Weak growth fundamentals, falling commodity prices and renewed concerns about growth in China are adding to the downward pressures on emerging market asset prices.

The U.S. Fed is on track to raise interest rates in June 2015. The U.S. economy is sustaining a cyclical 3.0% growth rate and the unemployment rate is declining. As inflation gradually rises, we believe that the FOMC will reach a consensus to start hiking rates in mid-2015.

Meanwhile, given the weaker outlook for their economies, the European Central Bank (ECB) and the Bank of Japan (BoJ) are easing their monetary stance. The former is seeking to move from a passive to an active approach to the management of its balance sheet. The latter is already purchasing large amounts of assets through a program that is likely to be extended at least into 2015.

Given these divergent economic and monetary policy outlooks, the U.S. dollar is appreciating against major currencies. The U.S. currency has gained 3% since July, as measured by Trade Weighted Index (TWI). We expect it to strengthen further, by a similar amount, between now and the end of 2015.

Emerging markets currencies are also losing value against the dollar. Together with the prospects of rate hikes in the U.S., weak fundamentals, falling commodity prices and renewed concerns with growth in China are also putting pressure on asset prices in emerging markets.

U.S. – Fed on track to raise interest rates in June 2015

Economic indicators in the U.S. remain in line with a healthy 3.0% growth pace. U.S. GDP growth for 2Q14 was revised upward to 4.6% qoq/saar (seasonally adjusted annual rate) from 4.2%. Our real GDP tracking indicates that 3Q14 growth remained close to 3.0%.

The stronger economic outlook for the U.S., relative to its trading partners, has boosted the U.S. dollar TWI by 3% since July. We expect the dollar to strengthen by another 2% by the end of 2015.

The impact of the stronger dollar on the U.S. economy looks small so far. We shaved off only 0.1 pp from our GDP forecast in 2015 due to the stronger currency. The impact on core inflation (excluding commodities) looks negligible at this point.

We are leaving our 2014 GDP growth forecast at 2.2%, but we are reducing our 2015 GDP forecast to 3.0% from 3.1%.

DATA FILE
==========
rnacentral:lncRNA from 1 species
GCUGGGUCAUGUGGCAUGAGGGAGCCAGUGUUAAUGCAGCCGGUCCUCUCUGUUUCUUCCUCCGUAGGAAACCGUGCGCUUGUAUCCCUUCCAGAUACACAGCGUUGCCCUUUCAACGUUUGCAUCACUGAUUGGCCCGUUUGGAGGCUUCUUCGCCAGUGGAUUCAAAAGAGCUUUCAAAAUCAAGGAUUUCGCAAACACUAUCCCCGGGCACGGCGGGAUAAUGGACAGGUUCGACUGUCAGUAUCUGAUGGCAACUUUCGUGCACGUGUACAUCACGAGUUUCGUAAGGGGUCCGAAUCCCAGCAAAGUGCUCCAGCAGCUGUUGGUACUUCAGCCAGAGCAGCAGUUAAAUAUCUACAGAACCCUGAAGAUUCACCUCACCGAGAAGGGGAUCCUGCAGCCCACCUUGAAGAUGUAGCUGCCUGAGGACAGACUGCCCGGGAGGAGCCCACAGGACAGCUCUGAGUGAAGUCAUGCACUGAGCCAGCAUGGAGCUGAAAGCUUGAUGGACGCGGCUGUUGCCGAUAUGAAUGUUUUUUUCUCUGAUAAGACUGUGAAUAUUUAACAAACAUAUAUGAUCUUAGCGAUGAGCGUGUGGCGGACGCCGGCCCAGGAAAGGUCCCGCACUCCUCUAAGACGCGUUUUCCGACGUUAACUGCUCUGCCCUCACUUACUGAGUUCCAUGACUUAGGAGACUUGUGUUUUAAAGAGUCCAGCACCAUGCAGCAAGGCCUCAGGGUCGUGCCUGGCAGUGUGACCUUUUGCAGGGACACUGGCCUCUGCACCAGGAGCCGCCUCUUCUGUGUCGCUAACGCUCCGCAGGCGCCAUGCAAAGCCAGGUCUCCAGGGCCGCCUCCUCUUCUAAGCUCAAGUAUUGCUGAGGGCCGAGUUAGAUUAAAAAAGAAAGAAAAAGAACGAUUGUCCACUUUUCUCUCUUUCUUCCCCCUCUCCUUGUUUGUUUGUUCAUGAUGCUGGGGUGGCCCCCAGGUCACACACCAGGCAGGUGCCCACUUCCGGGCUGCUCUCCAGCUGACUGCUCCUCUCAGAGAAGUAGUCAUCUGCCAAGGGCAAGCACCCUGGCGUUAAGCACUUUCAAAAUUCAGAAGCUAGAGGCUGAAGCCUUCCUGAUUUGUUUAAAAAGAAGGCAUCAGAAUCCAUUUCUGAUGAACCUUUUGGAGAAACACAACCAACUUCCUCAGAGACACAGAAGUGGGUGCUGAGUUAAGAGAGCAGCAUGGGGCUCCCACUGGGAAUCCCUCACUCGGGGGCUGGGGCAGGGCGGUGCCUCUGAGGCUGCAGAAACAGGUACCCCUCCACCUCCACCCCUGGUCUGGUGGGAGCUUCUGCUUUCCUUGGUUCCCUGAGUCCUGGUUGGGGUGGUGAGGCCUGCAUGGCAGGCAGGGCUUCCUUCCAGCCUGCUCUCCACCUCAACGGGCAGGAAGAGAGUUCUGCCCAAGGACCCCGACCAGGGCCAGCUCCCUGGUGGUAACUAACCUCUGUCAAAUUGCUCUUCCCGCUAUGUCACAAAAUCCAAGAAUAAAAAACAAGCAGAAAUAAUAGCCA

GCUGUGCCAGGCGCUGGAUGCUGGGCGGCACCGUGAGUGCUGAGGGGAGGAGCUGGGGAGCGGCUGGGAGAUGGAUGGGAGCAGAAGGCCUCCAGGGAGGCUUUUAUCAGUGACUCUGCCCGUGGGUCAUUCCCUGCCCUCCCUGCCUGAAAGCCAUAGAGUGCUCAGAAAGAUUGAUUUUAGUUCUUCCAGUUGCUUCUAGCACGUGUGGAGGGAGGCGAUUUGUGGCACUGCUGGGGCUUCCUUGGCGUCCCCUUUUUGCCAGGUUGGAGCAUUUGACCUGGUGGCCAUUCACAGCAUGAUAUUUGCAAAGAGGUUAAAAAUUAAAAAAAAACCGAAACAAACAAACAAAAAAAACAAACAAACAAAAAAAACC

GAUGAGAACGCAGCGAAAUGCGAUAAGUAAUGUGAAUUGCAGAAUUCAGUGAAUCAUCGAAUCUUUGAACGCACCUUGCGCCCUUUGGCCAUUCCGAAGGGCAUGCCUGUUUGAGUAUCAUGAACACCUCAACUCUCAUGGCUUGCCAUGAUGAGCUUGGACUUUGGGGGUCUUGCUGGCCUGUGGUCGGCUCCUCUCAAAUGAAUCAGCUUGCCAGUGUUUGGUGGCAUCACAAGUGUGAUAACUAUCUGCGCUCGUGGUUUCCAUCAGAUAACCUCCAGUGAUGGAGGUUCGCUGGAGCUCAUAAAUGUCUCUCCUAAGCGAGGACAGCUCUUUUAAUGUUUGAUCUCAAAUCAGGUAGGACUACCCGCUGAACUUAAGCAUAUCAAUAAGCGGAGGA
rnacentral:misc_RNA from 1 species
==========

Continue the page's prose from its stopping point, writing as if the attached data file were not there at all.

The labor market continues to improve. We forecast that non-farm payroll will continue to expand by an average of 200,000 jobs per month and that the unemployment rate will decline to 5.95% and 5.25% in December 2014 and December 2015, respectively, from the present 6.1%.

We foresee a pick-up in the core inflation measures after two months of subdued numbers. The core PCE deflator, the Fed’s preferred measure, of inflation, increased by 0.08% MoM in August and by 0.10% in July. Both figures represent a deceleration from the average 0.14% monthly change seen in 1H14. We believe that this is a temporary slowdown reflecting volatility in monthly figures and indirect effects of the commodity price declines June.

Nonetheless, we have lowered our year-end 2014 forecast for the core PCE deflator to 1.5% YoY from 1.7% YoY.

Looking ahead, we continue to expect a gradual increase in the core PCE deflator to 1.8% YoY by December 2015. The gradually tighter labor market and well-anchored inflation expectations should continue to push inflation towards 2%.

With the improvement in the labor market and a gradual increase in inflation, we see the Fed as on track to raise rates in June 2015. At its September meeting, the FOMC reaffirmed its conviction that the Fed funds rates should be kept at their current levels for a “considerable time”. However, FOMC participants increased their estimates for the Fed fund rates at the end of 2015 and 2015. The new forecasts are consistent with a start of the hiking cycle in June 2015, reinforcing our confidence in this rate hike scenario.

We see the risks tilted toward an earlier, rather than later, start of the hiking cycle. The main risk for the U.S. economy in the current scenario still is, in our view, the possibility that the labor market improves faster than expected over the next six months.